• Communication – clarity on where the journey is taking us and the compelling reasons for embarking on the journey is the first step in engaging. How and when to communicate the journey are the next steps. The key to successful communication is using language and media that are relevant and engaging to the workforce of today and align with how they communicate in their own lives.
  • Pulsing the organisation – focus groups can be used to great effect when it comes to understanding the true state of operations. Listening and reacting positively to themes raised is a key step in building trust.
  • Trust and transparency – the level of trust in business relationships is the greatest determinant of success. Therefore we need to establish a practical way for implementing and measuring those elements of the Trust Formula put forward by David Maister.
  • Devolved accountability – often one of the hardest elements of engagement to implement, but if there is sufficient trust within the organisation then accountability for the operations is best managed at the level closest to actual performance. If the workforce is responsible for operational performance our experience shows that they also become the stewards of the business. How to put a price on goodwill and ownership of business performance? At the same time leaders need to create a positive environment that encourages problem solving and practical creativity.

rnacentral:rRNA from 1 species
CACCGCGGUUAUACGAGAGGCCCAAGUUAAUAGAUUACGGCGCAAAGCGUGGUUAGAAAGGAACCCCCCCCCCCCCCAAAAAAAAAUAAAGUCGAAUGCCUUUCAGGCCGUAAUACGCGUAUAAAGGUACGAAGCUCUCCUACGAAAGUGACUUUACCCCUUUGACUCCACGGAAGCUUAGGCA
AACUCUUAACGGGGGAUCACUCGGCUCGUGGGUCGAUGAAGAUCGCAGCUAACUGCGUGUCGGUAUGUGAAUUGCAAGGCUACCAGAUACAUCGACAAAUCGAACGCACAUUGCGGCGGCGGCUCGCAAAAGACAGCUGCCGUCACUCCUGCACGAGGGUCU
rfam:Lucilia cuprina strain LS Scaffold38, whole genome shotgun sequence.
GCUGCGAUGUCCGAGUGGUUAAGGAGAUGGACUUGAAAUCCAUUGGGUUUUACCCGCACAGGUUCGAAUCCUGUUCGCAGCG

• Having the right tools for the job – if operations are going to take accountability for the organisation’s infrastructure, and ultimately business performance, then it is absolutely vital to have relevant and timely performance data available. This will highlight problems early on in the cycle and allow for better solution ownership.
  • Networked organisations – internally networked organisations share information more readily and less hierarchically, collaboration across organisational silos is more common, and tasks are more often tackled in a project-based fashion. This gives organisations a mechanism to harness the knowledge and creativity within the organisation to best effect.

an engaged and aligned workforce delivers better performance

Growth is driven by ever better ways to use workers and resources. Being bold in this high tempo world and taking a fresh approach to a new kind of leadership and engagement model, where the organisation is well connected and networked, will bring with it just rewards.

We need to be honest with ourselves when assessing our organisation’s performance and the degree to which we have the right leadership and engagement model in place.

  • Are we getting what the organisation needs from the current Leadership Development Programme?
  • Is there a shared and aligned understanding of the business’ objectives?
  • Are our most valuable assets focused on the real business problems and dilemmas?
  • Are we measuring the right aspects of the organisation’s performance to give us maximum return on our investment?

Peter Drucker was right when he said “what gets measured gets managed”, but Robert Sternberg is also right when he says that we need “to move beyond the narrow conceptions of the skills needed for life”, in other words we need to measure what really matters.

The rewards for breaking the code on leadership, mobilisation and engagement can be huge. Leading an engaged and aligned organisation and being able to quickly counter today’s complex and uncertain world with vision, creativity, flexibility and innovation will allow the organisation to thrive.

To find out more, get in touch with Andrew Morris: / +44 (0) 20 7298 7878